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Convergence of Series

Now that we know how to bake an infinite brownie, we want to know what it tastes like. We're going to need to find a cow big enough to give us a glass of milk to match.

In terms of series, this means adding up infinitely many numbers. We would expect the sum of an infinite list of numbers to be infinite. Some of the time, we'd be wrong.

Before we can understand how we can fit an infinite sum into a finite box, we have to define something called a partial sum. A partial sum is what we get if we add up some of the terms of a series. This is like breaking off a part of our infinite brownie and sharing it with friends.

More specifically, the nth partial sum of a series is the sum of the first n terms of the series.

Sample Problem

Find the 4th partial sum of the series


To find the 4th partial sum we add the first 4 terms:

The 4th partial sum is .

The 1st partial sum of a series is its first term.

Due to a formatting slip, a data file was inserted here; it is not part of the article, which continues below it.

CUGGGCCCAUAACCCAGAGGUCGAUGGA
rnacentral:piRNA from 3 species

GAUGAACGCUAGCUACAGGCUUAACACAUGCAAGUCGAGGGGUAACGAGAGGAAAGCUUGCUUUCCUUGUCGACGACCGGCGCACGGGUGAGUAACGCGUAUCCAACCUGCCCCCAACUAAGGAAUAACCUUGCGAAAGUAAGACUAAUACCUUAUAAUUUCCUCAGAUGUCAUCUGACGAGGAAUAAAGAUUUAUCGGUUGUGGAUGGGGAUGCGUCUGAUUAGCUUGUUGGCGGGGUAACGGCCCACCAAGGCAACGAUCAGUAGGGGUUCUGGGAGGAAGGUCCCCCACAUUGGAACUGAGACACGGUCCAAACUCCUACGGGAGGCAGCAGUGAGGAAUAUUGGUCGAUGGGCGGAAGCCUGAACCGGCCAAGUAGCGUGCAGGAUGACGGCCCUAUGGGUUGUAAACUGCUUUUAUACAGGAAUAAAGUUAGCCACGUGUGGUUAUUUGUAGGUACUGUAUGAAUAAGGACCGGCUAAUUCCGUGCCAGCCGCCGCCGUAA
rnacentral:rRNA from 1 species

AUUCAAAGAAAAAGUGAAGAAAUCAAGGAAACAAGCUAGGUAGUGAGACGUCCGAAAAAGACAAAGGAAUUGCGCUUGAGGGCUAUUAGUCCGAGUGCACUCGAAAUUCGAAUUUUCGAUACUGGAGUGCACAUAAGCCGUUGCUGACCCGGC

Sample Problem

The 1st partial sum of the series


If you think a series seems like the evil twin of a sequence, you're almost right. A series is the evil cousin of the sequence. They're related through a sequence of partial sums

S1, S2, S3, S4,... where the nth term is the nth partial sum of the series.

Be Careful: Remember that sequences and series are different things.

In reality, a series is the evil triplet of two different sequences. Any series

has two different sequences associated with it:

  • The sequence whose terms are the same as the terms an of the series:
    a1, a2, a3,...
  • The sequence whose terms are the partial sums Sn of the series:
    S1, S2, S3,...

These two sequences are different.

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